Wednesday, 13 December 2017

Christmas presents

in this house are relatively simple. We usually buy each other a book we know the other person wants to read. It will be non-fiction of one sort or another.
I bought the Senior Cat a video cassette tape one year. It was non-fiction too, an instruction manual for woodwork. He used it a lot - before the tape player died and he passed the tape and the small machine in question on to someone else.
I still have some of the Christmas books I was given as a child. I might have kept all of them but my mother gave away many of our things during more than one move. It was less for her to pack and unpack. There must have been something about that process she loathed. It may have been something to do with the fact that she moved so many times in her unhappy childhood. The process probably reminded her of that.  Some of my books disappeared along with my adored train set, the doll's pram we used to give the cats rides in and the doll's house my father made me which kept turning into the railway station for the train. No, I was not a child who played with dolls.
My mother gave us things we actually needed for Christmas - mostly clothes to replace those that  were too small or had worn out. She made most of those herself - apart from the "business" shirts the Senior Cat wore.
Now we give one another the books or something we need. Middle Cat asked me not so long ago whether there was anything I needed. Yes, a new cover for the helmet I wear when pedalling out on the roads. The old one has a hole in it.  I can be pretty certain that will appear as a present from her and my brother-in-law. It will be a "useful" thing.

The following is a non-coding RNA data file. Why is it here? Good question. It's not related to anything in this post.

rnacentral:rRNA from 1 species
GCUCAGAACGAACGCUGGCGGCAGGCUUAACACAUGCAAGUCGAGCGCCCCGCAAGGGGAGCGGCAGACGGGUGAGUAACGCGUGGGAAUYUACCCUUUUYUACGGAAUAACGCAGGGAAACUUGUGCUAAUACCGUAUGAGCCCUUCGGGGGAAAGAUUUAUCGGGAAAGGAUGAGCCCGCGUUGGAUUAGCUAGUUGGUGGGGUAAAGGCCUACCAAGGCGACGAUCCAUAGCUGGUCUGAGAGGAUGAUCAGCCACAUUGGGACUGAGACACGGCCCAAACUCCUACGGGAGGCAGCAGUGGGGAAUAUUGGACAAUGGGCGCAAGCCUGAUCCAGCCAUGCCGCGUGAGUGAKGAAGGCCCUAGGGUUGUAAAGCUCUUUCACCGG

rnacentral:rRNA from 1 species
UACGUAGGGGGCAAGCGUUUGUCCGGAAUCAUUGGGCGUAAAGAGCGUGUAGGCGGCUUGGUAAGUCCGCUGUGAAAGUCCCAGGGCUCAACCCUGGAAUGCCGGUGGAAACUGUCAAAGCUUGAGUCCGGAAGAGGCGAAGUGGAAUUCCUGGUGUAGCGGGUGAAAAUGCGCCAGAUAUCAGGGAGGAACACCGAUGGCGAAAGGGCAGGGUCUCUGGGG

I know there are people we know who look askance at this sort of gift giving. They think we should be more creative. After all, they say, "It's Christmas. It should be fun."
But Christmas is our acknowledgment of the birthday of someone else. The gifts we give each other are not for our birthdays but an acknowledgment of someone else's birthday. There is no need for them to be lavish. They should simply be a reminder that we care about each other.
After all what could a baby do with all that gold and frankincense and myrrh?



jeanfromcornwall said...

One of our daughters is pretty strapped or cash, so she is under orders that any presents are to be CHEAP. So they usually consist of ancient books that she has fallen over in a charity shop and are far more interesting than brand new shiny ones would be. The really clever bit is that she squirrels them away, and then has to:
a) Remember that she has them.
b) Remember where she hid them.
That is the bit where the love shines through!

Jodiebodie said...

I would rather a thoughtful gift of something we 'need' or can 'use' rather than some random trinket as a gift token. To me, it truly is the thought that counts - it means the person has taken the time and energy to get to know who I am as a person and where I am in life. It doesn't need to be expensive at all. It doesn't need to be brand new - it can be pre-loved. In fact, I would rather NO gift at all than to know that someone I love and care for might have gone beyond their financial means to give me a gift. Love, friendship, respect and time are the best gifts of all.

Thank you for your friendship, Cat. It is truly appreciated. Merry Christmas hugs xx